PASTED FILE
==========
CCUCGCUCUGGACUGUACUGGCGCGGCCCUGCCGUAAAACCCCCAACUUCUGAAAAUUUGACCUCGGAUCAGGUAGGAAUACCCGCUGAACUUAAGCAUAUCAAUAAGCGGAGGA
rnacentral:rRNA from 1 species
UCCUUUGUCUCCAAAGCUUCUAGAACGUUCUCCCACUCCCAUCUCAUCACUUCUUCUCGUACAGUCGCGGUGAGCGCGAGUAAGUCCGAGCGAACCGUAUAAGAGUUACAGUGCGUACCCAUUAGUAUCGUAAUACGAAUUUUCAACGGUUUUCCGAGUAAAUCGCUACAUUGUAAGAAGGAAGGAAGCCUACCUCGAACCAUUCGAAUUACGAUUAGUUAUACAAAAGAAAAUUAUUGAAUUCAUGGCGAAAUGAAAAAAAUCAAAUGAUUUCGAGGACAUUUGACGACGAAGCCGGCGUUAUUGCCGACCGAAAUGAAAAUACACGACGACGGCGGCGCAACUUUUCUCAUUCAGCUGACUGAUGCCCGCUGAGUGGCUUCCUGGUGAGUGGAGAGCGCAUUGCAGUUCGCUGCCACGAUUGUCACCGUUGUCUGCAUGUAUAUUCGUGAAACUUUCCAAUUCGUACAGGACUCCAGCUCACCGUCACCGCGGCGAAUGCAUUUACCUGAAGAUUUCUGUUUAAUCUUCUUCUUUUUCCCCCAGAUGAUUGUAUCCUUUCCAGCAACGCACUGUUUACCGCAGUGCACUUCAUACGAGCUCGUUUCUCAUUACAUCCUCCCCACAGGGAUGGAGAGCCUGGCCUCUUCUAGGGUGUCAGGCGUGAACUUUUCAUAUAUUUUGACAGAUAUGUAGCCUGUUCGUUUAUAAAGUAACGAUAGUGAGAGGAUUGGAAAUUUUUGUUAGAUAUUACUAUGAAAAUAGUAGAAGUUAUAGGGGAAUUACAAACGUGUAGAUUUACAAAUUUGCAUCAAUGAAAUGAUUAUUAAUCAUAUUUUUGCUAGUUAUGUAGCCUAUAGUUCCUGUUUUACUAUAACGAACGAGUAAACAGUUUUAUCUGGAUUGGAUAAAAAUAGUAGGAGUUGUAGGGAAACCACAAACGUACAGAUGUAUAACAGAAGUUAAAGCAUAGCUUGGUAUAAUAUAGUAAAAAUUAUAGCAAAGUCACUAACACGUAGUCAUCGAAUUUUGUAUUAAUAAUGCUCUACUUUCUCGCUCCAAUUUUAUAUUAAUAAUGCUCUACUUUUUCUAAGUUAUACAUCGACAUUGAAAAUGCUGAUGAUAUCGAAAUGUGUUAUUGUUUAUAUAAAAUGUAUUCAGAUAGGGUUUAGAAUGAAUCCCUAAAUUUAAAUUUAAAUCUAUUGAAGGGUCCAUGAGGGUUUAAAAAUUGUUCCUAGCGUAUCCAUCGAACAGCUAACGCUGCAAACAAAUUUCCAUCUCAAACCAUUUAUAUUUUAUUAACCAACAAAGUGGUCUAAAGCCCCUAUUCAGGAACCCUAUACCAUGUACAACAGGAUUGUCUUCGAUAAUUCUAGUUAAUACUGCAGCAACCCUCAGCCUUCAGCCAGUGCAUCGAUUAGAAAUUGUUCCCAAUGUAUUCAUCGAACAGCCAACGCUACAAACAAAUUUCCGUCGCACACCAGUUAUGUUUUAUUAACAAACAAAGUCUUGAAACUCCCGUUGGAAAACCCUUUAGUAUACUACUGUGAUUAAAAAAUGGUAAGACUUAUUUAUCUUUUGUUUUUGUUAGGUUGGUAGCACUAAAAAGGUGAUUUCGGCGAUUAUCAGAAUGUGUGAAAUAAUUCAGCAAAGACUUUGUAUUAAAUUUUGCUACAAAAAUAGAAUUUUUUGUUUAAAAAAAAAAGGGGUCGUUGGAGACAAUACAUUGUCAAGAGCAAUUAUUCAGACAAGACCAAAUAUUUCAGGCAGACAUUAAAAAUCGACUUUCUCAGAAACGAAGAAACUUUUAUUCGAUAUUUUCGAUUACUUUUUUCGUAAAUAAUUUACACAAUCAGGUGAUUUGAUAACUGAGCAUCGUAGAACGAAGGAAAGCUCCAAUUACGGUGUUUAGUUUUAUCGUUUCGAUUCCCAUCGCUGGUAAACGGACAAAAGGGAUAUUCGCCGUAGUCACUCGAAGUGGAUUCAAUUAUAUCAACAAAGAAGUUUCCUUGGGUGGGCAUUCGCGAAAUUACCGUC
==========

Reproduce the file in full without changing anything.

CCUCGCUCUGGACUGUACUGGCGCGGCCCUGCCGUAAAACCCCCAACUUCUGAAAAUUUGACCUCGGAUCAGGUAGGAAUACCCGCUGAACUUAAGCAUAUCAAUAAGCGGAGGA
rnacentral:rRNA from 1 species
UCCUUUGUCUCCAAAGCUUCUAGAACGUUCUCCCACUCCCAUCUCAUCACUUCUUCUCGUACAGUCGCGGUGAGCGCGAGUAAGUCCGAGCGAACCGUAUAAGAGUUACAGUGCGUACCCAUUAGUAUCGUAAUACGAAUUUUCAACGGUUUUCCGAGUAAAUCGCUACAUUGUAAGAAGGAAGGAAGCCUACCUCGAACCAUUCGAAUUACGAUUAGUUAUACAAAAGAAAAUUAUUGAAUUCAUGGCGAAAUGAAAAAAAUCAAAUGAUUUCGAGGACAUUUGACGACGAAGCCGGCGUUAUUGCCGACCGAAAUGAAAAUACACGACGACGGCGGCGCAACUUUUCUCAUUCAGCUGACUGAUGCCCGCUGAGUGGCUUCCUGGUGAGUGGAGAGCGCAUUGCAGUUCGCUGCCACGAUUGUCACCGUUGUCUGCAUGUAUAUUCGUGAAACUUUCCAAUUCGUACAGGACUCCAGCUCACCGUCACCGCGGCGAAUGCAUUUACCUGAAGAUUUCUGUUUAAUCUUCUUCUUUUUCCCCCAGAUGAUUGUAUCCUUUCCAGCAACGCACUGUUUACCGCAGUGCACUUCAUACGAGCUCGUUUCUCAUUACAUCCUCCCCACAGGGAUGGAGAGCCUGGCCUCUUCUAGGGUGUCAGGCGUGAACUUUUCAUAUAUUUUGACAGAUAUGUAGCCUGUUCGUUUAUAAAGUAACGAUAGUGAGAGGAUUGGAAAUUUUUGUUAGAUAUUACUAUGAAAAUAGUAGAAGUUAUAGGGGAAUUACAAACGUGUAGAUUUACAAAUUUGCAUCAAUGAAAUGAUUAUUAAUCAUAUUUUUGCUAGUUAUGUAGCCUAUAGUUCCUGUUUUACUAUAACGAACGAGUAAACAGUUUUAUCUGGAUUGGAUAAAAAUAGUAGGAGUUGUAGGGAAACCACAAACGUACAGAUGUAUAACAGAAGUUAAAGCAUAGCUUGGUAUAAUAUAGUAAAAAUUAUAGCAAAGUCACUAACACGUAGUCAUCGAAUUUUGUAUUAAUAAUGCUCUACUUUCUCGCUCCAAUUUUAUAUUAAUAAUGCUCUACUUUUUCUAAGUUAUACAUCGACAUUGAAAAUGCUGAUGAUAUCGAAAUGUGUUAUUGUUUAUAUAAAAUGUAUUCAGAUAGGGUUUAGAAUGAAUCCCUAAAUUUAAAUUUAAAUCUAUUGAAGGGUCCAUGAGGGUUUAAAAAUUGUUCCUAGCGUAUCCAUCGAACAGCUAACGCUGCAAACAAAUUUCCAUCUCAAACCAUUUAUAUUUUAUUAACCAACAAAGUGGUCUAAAGCCCCUAUUCAGGAACCCUAUACCAUGUACAACAGGAUUGUCUUCGAUAAUUCUAGUUAAUACUGCAGCAACCCUCAGCCUUCAGCCAGUGCAUCGAUUAGAAAUUGUUCCCAAUGUAUUCAUCGAACAGCCAACGCUACAAACAAAUUUCCGUCGCACACCAGUUAUGUUUUAUUAACAAACAAAGUCUUGAAACUCCCGUUGGAAAACCCUUUAGUAUACUACUGUGAUUAAAAAAUGGUAAGACUUAUUUAUCUUUUGUUUUUGUUAGGUUGGUAGCACUAAAAAGGUGAUUUCGGCGAUUAUCAGAAUGUGUGAAAUAAUUCAGCAAAGACUUUGUAUUAAAUUUUGCUACAAAAAUAGAAUUUUUUGUUUAAAAAAAAAAGGGGUCGUUGGAGACAAUACAUUGUCAAGAGCAAUUAUUCAGACAAGACCAAAUAUUUCAGGCAGACAUUAAAAAUCGACUUUCUCAGAAACGAAGAAACUUUUAUUCGAUAUUUUCGAUUACUUUUUUCGUAAAUAAUUUACACAAUCAGGUGAUUUGAUAACUGAGCAUCGUAGAACGAAGGAAAGCUCCAAUUACGGUGUUUAGUUUUAUCGUUUCGAUUCCCAUCGCUGGUAAACGGACAAAAGGGAUAUUCGCCGUAGUCACUCGAAGUGGAUUCAAUUAUAUCAACAAAGAAGUUUCCUUGGGUGGGCAUUCGCGAAAUUACCGUC